Section Five--Troubleshooting with the Swan-Ganz Catheter

 The major problems that can effect the Swan-Ganz Catheter performance are the following:

 1) Dampening of the Waveform


2) Catheter Fling


3) High Positive Airway Pressures


4) Permanent Wedging of the Balloon


5) Failure of the Balloon to Wedge


Letís deal with each of these individually.


1) Dampening of the Waveform--When the Distal Lumen tip becomes partially occluded by the vessel wall or a thrombus, the recorded waveform suffers. Amplitude diminishes until the tip of the catheter is completely blocked and the waveform is lost.

*the graphic below shows the proper PA position and the proper waveform.


*This next graphic shows a dampened arterial wave form due to a thrombus at the catheter end, and the catheter is pushed up against the wall.


Purging the distal lumen with heparinized saline can usually restore the waveform. Pulling the red pigtail on the Sorenson Interflow for two to three seconds can do this.


 *the flush valve in the above graphic is the same as the pigtail on the Sorenson interflow devise. By pulling this pigtail for a few seconds, the connected lumen of the catheter can be flushed with heparinized saline and hopefully the normal waveform restored.

2) Catheter Fling--High Cardiac Output or abnormal vessel diameter (vasoconstriction) can cause turbulent flow in the pulmonary arteriole. The result may be severe catheter tip movement which renders pressure measurements unreliable.



3) High Intrathoracic pressures from mechanical ventilation may be transmitted to the pulmonary capillary bed and cause the PCWP to rise and fall Movement of the baseline that coincides with the respiratory cycle is evidence of this.


If this situation occurs, readings should be taken at the end of expiration when the intrathoracic pressure is the lowest.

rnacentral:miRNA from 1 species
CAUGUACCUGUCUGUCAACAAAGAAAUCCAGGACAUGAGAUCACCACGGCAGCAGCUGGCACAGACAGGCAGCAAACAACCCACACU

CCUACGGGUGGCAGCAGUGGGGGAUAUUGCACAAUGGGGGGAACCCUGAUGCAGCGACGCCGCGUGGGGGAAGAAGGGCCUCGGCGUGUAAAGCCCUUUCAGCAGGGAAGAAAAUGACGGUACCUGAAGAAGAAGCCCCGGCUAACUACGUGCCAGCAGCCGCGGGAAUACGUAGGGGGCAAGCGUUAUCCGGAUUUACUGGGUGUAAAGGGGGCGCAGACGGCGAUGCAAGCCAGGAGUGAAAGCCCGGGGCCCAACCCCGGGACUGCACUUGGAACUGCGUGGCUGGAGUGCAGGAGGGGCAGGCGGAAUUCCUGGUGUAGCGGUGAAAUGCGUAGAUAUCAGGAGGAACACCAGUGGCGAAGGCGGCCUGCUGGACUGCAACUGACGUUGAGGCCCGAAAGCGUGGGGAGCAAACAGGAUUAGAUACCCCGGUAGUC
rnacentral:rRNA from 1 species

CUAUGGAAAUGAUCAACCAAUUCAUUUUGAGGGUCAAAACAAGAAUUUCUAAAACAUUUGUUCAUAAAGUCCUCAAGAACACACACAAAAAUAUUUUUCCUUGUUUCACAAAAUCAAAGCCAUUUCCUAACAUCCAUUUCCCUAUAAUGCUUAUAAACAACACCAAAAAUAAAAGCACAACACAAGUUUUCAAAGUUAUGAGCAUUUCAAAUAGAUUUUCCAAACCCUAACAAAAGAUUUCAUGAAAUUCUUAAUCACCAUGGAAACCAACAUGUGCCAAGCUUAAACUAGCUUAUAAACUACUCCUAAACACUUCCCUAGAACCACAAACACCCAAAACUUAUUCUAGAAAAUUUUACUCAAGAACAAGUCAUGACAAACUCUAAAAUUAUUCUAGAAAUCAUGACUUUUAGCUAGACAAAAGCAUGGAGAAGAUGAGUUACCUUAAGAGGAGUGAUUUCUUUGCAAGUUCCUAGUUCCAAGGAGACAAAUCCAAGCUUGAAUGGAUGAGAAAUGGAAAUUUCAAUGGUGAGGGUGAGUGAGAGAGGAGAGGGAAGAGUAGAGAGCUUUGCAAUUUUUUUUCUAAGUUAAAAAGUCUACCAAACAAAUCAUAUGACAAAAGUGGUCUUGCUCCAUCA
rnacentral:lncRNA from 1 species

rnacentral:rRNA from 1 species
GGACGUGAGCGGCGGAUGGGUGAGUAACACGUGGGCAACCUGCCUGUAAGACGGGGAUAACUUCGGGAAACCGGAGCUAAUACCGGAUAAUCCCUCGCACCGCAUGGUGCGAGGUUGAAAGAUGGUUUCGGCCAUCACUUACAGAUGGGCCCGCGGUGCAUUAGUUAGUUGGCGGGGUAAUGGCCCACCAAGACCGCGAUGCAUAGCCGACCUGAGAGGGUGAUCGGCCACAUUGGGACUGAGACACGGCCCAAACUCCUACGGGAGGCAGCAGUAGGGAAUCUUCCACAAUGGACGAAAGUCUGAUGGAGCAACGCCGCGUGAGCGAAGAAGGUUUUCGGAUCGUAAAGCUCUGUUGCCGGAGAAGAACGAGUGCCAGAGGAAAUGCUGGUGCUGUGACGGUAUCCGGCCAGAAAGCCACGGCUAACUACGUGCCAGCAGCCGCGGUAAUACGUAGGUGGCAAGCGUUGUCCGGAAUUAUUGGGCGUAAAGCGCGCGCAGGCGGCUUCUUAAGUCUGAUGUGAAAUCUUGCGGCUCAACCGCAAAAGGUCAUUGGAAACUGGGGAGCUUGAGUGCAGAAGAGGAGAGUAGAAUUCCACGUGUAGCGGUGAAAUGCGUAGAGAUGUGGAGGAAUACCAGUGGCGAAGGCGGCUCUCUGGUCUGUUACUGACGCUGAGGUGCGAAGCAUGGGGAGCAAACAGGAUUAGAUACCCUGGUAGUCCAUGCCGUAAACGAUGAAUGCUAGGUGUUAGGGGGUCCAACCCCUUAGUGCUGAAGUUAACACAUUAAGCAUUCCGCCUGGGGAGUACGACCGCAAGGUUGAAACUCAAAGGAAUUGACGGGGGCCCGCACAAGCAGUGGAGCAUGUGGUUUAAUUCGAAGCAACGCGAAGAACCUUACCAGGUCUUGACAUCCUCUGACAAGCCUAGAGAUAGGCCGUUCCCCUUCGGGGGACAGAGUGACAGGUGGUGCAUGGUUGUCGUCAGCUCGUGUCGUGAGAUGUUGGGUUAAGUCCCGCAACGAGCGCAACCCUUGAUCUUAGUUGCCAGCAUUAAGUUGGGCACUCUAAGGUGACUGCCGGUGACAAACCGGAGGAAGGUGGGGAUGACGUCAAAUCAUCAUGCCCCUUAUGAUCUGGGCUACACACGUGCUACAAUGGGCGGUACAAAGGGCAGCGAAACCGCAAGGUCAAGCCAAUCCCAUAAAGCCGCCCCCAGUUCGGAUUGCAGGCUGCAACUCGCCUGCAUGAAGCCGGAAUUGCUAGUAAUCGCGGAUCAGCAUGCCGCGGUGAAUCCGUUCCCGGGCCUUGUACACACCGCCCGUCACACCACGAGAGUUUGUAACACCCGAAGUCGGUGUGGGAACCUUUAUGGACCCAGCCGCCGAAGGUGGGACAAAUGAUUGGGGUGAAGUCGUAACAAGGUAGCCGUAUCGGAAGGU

4) Permanent Wedge--If the distal tip of the Swan-Ganz migrates further into the pulmonary arteriole then planned, it may become permanently wedged even though the balloon is deflated. This is indicated by a persistent PCWP waveform with the balloon deflated. Occlusion of this vessel prevents perfusion of the downstream lung parenchyma, thus it could result in death. The Swan-Ganz catheter should be slowly removed from the insertion site as quickly as possible. Once withdrawn the catheter should never be reinserted due to the danger of infection.

*This graphic reviews the proper position of the Swan-Ganz catheter just below wedging occurs.

*This graphic shows the proper wedging technique to get an accurate PCWP.



*the above graphic illustrates overinflation of the balloon and possible migration of the balloon into a more distal pulmonary artery than it had originally been in, thus resulting in a permanent wedge waveform on the monitor.

5) Failure to wedge--The Swan-Ganz catheter may fail to wedge for several reasons. First the tip may have floated back into a larger section of the pulmonary arteriole where the vessel lumen is too large for the balloon to occlude it. This is corrected by advancing the catheter under sterile technique only. If sterile technique can not be guaranteed, it should not be advanced. Wedging of the tip can sometimes be achieved by repositioning the patient or having him cough..

*We have seen the above graphic which gives us an accurate PCWP. The graphic below shows the catheter failing to wedge as it has slipped back into a larger pulmonary arteriole and the balloon has burst.


The catheter tip will also fail to wedge if the balloon has burst. The Swan-Ganz balloon can be destroyed by over inflation or careless retraction of the syringe plunger. When this occurs, PCWP can only be estimated. In the absence of lung disease, PCWP should be within 4-5 mm Hg of PA diastolic pressure.

"What the mind makes cloudy, the heart makes clear." (Don Henley)

"The Heart knows reasons the mind does not know." (Voltaire)

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